Screening for Academic Risk Among Students With Cleft Lip and/or Palate: Patterns of Risk and Qualities of Effective Tools

Amy L. Conrad, Claudia Crilly Bellucci, Celia E. Heppner, Meredith Albert, Canice E. Crerand, Suzanne Woodard, Farah Sheikh, Kathleen A. Kapp-Simon

Research output: Contribution to journalArticlepeer-review


Objective : This study evaluated the effectiveness of academic screening measures in relation to parent-reported diagnoses. Design : Multicenter, retrospective cohort study including structured interviews, questionnaires, and chart reviews. Setting : Six North American cleft centers. Participants : Children (n = 391) with cleft lip and/or palate, ages 8 to 10 years of age (192 male) and their guardians were recruited during regular clinic visits. Main Outcome Measures : Parent and child ratings on the Pediatric Quality of Life Inventory (PedsQL) School Scale, child report on CleftQ School Scale, parent report on the Adaptive Behavior Assessment System-Third Edition Functional Academics (ABAS-FA) Scale and Child Behavior Checklist (CBCL) School Competency Scale, parent interview, and medical chart review. Results : Risk for concerns ranged from 12% to 41%, with higher risk reflected on the CBCL-SC compared to other measures. Males with cleft palate were consistently at the highest risk. Only 9% of the sample had a parent-reported diagnosis of a learning or language disability. Ratings from the ABAS-FA and CBCL-SC had the highest utility in identifying those with language and/or learning concerns. Conclusions : As cleft teams work to develop standardized batteries for screening and monitoring of patients, it is important to evaluate the effectiveness of measures in identifying those at highest risk. When screening for language and learning disorders, questions related to potential academic struggles, such as increased school effort or increased school distress, are most useful. Referrals for follow-up evaluation are recommended for those identified at high risk.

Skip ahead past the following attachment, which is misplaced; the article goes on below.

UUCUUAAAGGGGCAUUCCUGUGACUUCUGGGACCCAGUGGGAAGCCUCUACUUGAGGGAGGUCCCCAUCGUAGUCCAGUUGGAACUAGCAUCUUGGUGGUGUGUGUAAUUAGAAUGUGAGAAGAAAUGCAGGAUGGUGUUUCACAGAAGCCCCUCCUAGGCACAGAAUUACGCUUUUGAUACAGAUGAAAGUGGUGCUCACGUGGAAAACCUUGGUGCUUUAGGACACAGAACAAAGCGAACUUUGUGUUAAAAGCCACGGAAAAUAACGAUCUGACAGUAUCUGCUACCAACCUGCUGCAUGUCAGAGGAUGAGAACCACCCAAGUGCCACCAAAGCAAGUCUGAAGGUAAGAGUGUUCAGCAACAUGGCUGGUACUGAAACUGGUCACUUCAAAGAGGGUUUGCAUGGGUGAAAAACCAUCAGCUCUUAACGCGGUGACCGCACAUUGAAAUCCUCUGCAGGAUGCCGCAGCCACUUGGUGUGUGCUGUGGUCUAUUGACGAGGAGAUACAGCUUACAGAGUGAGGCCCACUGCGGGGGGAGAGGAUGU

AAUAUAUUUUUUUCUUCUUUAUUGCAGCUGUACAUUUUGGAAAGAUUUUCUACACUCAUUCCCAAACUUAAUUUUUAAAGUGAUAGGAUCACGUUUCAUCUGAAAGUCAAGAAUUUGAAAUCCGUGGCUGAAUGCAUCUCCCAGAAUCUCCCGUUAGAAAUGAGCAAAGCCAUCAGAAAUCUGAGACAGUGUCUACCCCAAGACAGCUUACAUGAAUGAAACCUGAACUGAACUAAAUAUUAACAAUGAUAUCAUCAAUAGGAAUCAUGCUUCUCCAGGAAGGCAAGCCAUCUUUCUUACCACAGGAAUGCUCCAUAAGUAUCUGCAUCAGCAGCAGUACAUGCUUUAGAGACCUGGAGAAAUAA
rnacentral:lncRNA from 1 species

Original languageEnglish (US)
JournalCleft Palate-Craniofacial Journal
StateAccepted/In press - 2022


  • nonsyndromic clefting
  • psychological assessment
  • quality of life

ASJC Scopus subject areas

  • Oral Surgery
  • Otorhinolaryngology


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